Welcome to another edition of the Fully Equipped mailbag, sponsored by Cleveland/Srixon Golf, an interactive GOLF.com series in which we field your hard-hitting gear questions.
Are shorter driver shafts still popular among better players? – Daniel D., California
Great question, Daniel. And yes, shorter-than-standard driver shafts are most definitely still a thing among better players, and we think they should be a thing for a lot of amateurs, too. (By “shorter”, we mean playing a driver that is at least an inch shorter than the typical 45.5-inch or 45.75-inch driver sold off the rack.) Below, we’ve put together a few reasons why shorter driver shafts make sense. And, because it’s our job to see things from both sides, we’ve added a few reasons why some players might want to avoid a shorter shaft.
Shorter driver shafts make it easier to hit solid shots
Typically, the closer you stand to the ball, the easier it is to hit the ball solidly off the center of the clubface. I know what you’re thinking—for some of you, fairway woods are harder to hit than drivers are and loft plays a huge part in how easy a club is to hit. But for all intents and purposes here, shorter clubs are easier to swing and produce better shots with. We won’t get too scientific here, but part of that has to do with the distance the eyes are from the ball. The closer the eyes are to the ball, the easier it becomes to make a solid strike.
There is a major caveat to using shorter shafts, though. Using a shorter club means you can’t swing it as fast. With a shorter radius, the clubhead swings on a smaller arc and doesn’t have as much room to generate speed prior to making contact with the golf ball. That said, a reduction in club speed in favor of more solid contact usually works out to straighter and longer drives overall.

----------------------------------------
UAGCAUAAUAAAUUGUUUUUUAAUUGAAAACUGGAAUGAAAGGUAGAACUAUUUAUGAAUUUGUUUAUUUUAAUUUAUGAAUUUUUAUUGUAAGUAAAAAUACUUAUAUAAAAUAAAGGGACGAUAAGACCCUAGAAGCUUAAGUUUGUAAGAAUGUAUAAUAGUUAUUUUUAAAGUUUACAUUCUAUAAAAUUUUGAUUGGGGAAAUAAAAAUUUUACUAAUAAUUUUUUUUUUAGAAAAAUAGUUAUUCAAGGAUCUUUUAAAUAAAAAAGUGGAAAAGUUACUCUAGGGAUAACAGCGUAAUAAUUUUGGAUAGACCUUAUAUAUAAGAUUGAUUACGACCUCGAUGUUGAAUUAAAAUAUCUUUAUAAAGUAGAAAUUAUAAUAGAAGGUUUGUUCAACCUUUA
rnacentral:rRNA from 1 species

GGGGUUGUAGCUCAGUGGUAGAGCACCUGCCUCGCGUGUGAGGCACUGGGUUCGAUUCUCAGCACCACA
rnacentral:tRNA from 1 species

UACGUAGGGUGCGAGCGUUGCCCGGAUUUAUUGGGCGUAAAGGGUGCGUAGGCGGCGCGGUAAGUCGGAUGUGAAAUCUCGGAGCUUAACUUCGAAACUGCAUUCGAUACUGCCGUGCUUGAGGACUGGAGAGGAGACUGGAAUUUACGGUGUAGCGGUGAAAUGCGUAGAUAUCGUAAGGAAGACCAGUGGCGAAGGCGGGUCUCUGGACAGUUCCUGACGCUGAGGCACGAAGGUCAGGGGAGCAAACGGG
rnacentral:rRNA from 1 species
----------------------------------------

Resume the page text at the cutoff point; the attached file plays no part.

Solid shots fly farther and straighter
Obviously, the perfect combo is a fast swingn.d a solid strike, but for many of us, that happens less often than we want. For instance, if you consistently miss the sweetspot by a couple centimeters using a longer shaft, it’s likely you’ll lose 10-20 yards of distance (and varying amounts of accuracy) that you would’ve had if you had struck the ball directly on the sweet spot. Cleveland Golf is one of the few companies out there that knows the benefits of shorter shafts and offers its Launcher XL drivers in one-inch shorter iterations for golfers who want added control without having to tweak or change the way the clubhead feels.
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Cleveland Launcher XL driver
With the most MOI ever in a Cleveland Golf driver, Launcher XL will have you thinking less about the club in your hands and more about carrying bunkers, clearing hazards, and finding the fairway.
An inch might not be worth it
Let’s say you have a 44.5-inch driver and are curious to try a 45.5-inch driver. You’ve also done your research and for the average player, adding an inch could mean adding somewhere in the neighborhood of 10 more yards off the tee. But if that extra inch means you’ll miss the sweetspot more often, it might not be worth the occasional extra yardage and loss of accuracy. Robot tests have certainly proven that longer shafts equal more clubhead speed, but that doesn’t mean things will compute the same way in the computer between your ears. Longer shafts also require a whole new assessment of your optimal shaft flex and swing weight, too. Simply swapping your same shaft model for one that’s an inch longer could mean your driver will produce a drastically different feel and ball flight trajectory. You have every right to disagree, but we contend that a straighter drive that lands a few yards shorter in the fairway is almost always better than a longer one 10 yards further into the rough.